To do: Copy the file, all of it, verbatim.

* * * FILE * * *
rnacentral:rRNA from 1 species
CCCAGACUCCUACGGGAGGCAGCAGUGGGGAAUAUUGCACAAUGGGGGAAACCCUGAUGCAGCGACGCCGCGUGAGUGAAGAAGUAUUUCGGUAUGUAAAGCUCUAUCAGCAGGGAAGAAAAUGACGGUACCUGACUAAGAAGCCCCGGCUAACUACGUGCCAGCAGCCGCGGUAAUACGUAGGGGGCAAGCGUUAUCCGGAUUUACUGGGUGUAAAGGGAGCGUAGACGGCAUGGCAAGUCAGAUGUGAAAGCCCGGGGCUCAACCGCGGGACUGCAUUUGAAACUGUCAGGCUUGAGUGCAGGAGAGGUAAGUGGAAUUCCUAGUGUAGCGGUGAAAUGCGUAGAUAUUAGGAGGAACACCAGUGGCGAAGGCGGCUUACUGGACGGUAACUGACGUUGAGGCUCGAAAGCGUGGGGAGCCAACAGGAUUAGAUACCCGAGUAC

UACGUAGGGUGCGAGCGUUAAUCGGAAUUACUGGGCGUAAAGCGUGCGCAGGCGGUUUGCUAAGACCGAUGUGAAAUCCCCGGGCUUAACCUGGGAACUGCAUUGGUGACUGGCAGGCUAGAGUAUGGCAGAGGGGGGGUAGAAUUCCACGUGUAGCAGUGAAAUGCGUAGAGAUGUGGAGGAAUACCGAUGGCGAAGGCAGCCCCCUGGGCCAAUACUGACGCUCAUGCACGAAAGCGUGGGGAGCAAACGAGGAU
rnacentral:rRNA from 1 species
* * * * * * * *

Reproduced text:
rnacentral:rRNA from 1 species
CCCAGACUCCUACGGGAGGCAGCAGUGGGGAAUAUUGCACAAUGGGGGAAACCCUGAUGCAGCGACGCCGCGUGAGUGAAGAAGUAUUUCGGUAUGUAAAGCUCUAUCAGCAGGGAAGAAAAUGACGGUACCUGACUAAGAAGCCCCGGCUAACUACGUGCCAGCAGCCGCGGUAAUACGUAGGGGGCAAGCGUUAUCCGGAUUUACUGGGUGUAAAGGGAGCGUAGACGGCAUGGCAAGUCAGAUGUGAAAGCCCGGGGCUCAACCGCGGGACUGCAUUUGAAACUGUCAGGCUUGAGUGCAGGAGAGGUAAGUGGAAUUCCUAGUGUAGCGGUGAAAUGCGUAGAUAUUAGGAGGAACACCAGUGGCGAAGGCGGCUUACUGGACGGUAACUGACGUUGAGGCUCGAAAGCGUGGGGAGCCAACAGGAUUAGAUACCCGAGUAC

UACGUAGGGUGCGAGCGUUAAUCGGAAUUACUGGGCGUAAAGCGUGCGCAGGCGGUUUGCUAAGACCGAUGUGAAAUCCCCGGGCUUAACCUGGGAACUGCAUUGGUGACUGGCAGGCUAGAGUAUGGCAGAGGGGGGGUAGAAUUCCACGUGUAGCAGUGAAAUGCGUAGAGAUGUGGAGGAAUACCGAUGGCGAAGGCAGCCCCCUGGGCCAAUACUGACGCUCAUGCACGAAAGCGUGGGGAGCAAACGAGGAU
rnacentral:rRNA from 1 species